How gut microbes make you fat
Scientists have found evidence that gut bacteria may affect circadian rhythms and metabolism leading some people to gain extra weight.
New York: Scientists have found evidence that gut bacteria may affect circadian rhythms and metabolism leading some people to gain extra weight.
Circadian rhythms are physical, mental and behavioural changes that follow a roughly 24-hour cycle. These rhythms are communicated and carried out via signals sent from the brain and liver.
Researchers found that mice with a normal set of gut microbes showed evidence of a regular daily microbial cycle, with different species flourishing in different parts of the day and producing different compounds as a result.
These compounds appeared to act on the liver and affected how circadian clock genes were expressed in the liver.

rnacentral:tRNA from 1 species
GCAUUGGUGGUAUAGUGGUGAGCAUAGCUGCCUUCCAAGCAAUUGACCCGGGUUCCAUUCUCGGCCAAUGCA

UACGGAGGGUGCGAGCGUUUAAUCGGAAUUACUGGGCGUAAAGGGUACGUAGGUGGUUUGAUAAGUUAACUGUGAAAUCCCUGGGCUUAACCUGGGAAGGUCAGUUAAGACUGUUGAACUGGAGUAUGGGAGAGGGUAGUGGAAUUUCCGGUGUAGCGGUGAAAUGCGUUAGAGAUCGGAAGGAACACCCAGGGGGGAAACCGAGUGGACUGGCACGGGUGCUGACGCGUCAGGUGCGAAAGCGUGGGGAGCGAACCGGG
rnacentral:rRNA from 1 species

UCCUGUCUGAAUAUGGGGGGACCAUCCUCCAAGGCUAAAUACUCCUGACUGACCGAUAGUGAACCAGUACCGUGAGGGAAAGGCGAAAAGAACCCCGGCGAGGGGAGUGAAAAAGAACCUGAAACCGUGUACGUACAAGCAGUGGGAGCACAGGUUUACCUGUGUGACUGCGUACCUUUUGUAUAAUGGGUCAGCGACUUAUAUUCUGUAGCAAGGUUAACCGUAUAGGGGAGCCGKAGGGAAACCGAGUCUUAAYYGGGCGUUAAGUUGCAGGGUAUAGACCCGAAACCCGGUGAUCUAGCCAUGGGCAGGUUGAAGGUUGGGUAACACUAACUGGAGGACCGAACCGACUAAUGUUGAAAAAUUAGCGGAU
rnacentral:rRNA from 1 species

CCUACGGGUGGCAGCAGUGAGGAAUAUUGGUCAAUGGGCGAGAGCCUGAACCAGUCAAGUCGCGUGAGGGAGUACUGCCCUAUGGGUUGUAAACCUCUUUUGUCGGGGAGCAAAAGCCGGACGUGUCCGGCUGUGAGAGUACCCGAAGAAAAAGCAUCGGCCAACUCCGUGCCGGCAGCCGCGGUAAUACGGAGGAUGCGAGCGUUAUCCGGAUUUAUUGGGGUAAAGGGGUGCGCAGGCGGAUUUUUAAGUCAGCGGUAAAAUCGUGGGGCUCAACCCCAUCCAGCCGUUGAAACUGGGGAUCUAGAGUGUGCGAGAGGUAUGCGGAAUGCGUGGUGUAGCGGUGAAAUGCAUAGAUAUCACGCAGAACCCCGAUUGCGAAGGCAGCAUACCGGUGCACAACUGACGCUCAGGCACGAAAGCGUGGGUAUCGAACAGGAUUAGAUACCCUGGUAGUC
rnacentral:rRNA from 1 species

A high-fat diet reduced the variation in the microbial cycle. The circadian clock genes were disrupted and the mice gained weight.
Meanwhile, “germ-free” mice raised without a normal gut microbiome showed evidence of a disrupted circadian clock cycle, but did not gain weight even on a high-fat diet.
The team that included researchers from University of Chicago hypothesise that high-fat diets change the compounds that microbes produce, thus disrupting the liver's circadian clock signaling.
"The earlier explanation for microbiome-related weight gain was that some bacteria make calories from food more available to your body, but this is a fundamental alternative explanation,” said Jack Gilbert, microbial ecologist at the US Department of Energy's Argonne National Laboratory.
"We would like to more rigorously explore what kinds of diets trigger this response,” he added.
All humans have a set of bacteria, viruses and fungi living in our guts called the gut microbiome which helps us digest food.
These also interacts with the body in a number of other ways. There is evidence that these affect allergies, mental health weight and other metabolic conditions.
The study appeared in the journal Cell Host & Microbe.